SPANISH infrastructure manager Adif and its high-speed counterpart Adif AV are currently consulting both existing and potential operators on the next phase of opening up the national passenger market to competition.

In response to operator demand, the deadline for returning online consultation questionnaires has been extended by two weeks to September 29.

Adif says that the responses will be used to help design the next phase of market opening, and that they will be treated as confidential if the respondents so desire, as well as the contents of any subsequent interviews.

Only high-speed services have so far been opened up to competition in Spain, with incumbent national operator Renfe now competing head-to-head with the Ouigo brand of French National Railways (SNCF) and Iryo, backed by Trenitalia.

The questionnaire seeks details of the potential routes that respondents would be interested in operating under a framework agreement with the infrastructure manager, as well as the service frequency and calling points.

Adif is also seeking details of ridership estimates and the expected turnaround time at terminals. On rolling stock, operators are asked to provide details of the trains they would use, including seating capacity, maximum speed, and whether they would be operated as single sets or in multiple.

The questionnaire specifically asks if the respondent would be interested in using the standard-gauge tunnel between Atocha and Chamartín stations in Madrid that has been in use by high-speed services since July 1 2022.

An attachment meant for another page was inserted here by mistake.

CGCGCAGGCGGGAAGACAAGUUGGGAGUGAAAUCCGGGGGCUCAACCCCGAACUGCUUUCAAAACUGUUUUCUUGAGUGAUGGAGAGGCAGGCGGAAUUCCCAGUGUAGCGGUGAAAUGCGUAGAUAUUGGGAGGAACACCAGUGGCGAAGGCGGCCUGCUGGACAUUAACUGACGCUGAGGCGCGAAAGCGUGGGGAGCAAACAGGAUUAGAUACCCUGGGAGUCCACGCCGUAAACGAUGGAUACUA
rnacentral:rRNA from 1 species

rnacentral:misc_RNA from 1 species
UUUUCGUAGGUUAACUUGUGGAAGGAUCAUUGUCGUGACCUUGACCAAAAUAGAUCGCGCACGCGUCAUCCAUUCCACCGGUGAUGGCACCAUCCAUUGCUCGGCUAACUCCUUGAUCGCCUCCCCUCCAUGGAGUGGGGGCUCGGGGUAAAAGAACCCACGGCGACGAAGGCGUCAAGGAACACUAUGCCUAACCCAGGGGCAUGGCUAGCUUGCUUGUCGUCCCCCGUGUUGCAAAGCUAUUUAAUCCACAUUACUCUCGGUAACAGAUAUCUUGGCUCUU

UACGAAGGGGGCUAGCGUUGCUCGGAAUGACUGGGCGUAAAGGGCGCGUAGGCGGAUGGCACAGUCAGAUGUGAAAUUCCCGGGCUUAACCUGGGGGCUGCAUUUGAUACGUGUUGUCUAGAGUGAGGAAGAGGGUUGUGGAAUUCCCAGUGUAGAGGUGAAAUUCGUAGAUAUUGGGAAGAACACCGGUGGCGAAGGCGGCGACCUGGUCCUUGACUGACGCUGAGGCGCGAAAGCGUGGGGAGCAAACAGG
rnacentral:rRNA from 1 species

Operator consultation is also seeking to determine interest in using the chords south of the capital that enable services from Barcelona and Zaragoza, as well as from Valencia and Alicante, to directly join the high-speed line to Córdoba, Málaga and Seville without reversing in Madrid.

Respondents are asked to estimate the desired term of the framework agreement that they might sign, given the minimum period required to make the necessary investment in the new services and knowing that there would be economic penalties in case of non-use of agreed capacity.

Those who have already signed a framework track access agreement with the infrastructure manager are asked if they would be interested in extending this to other destinations and to provide details of these.

Within the current legal limits, operators are asked if they would be interested in greater cooperation with other operators in operating services or bidding for train paths. The questionnaire asks: “would you be in favour of a code-sharing system, analogous to the one that operates in the airline industry?”

In the event of the infrastructure manager not being able to meet all requests for paths, the questionnaire asks what priority criteria for allocating paths should be applied in addition to those already in place.

Respondents are also asked to provide details of how they expect to undertake rolling stock maintenance and train cleaning, whether this is contracted out to a rolling stock manufacturer or other operators, or at the operator’s own maintenance facility. If the latter option is preferred, the questionnaire asks for details of the desired location.

Details are sought of the facilities that would be required at stations, including premises for ticket sales, customer services and passenger lounges, the space needed for ticket vending machines and passenger information systems, and areas that would be needed for on-train personnel such as locker rooms.

The questionnaire asks if there are any products or services not currently provided at stations that the operators would wish to see, and if there are any services that they would be willing to share with other operators, or to use those provided by one operator to other interested parties.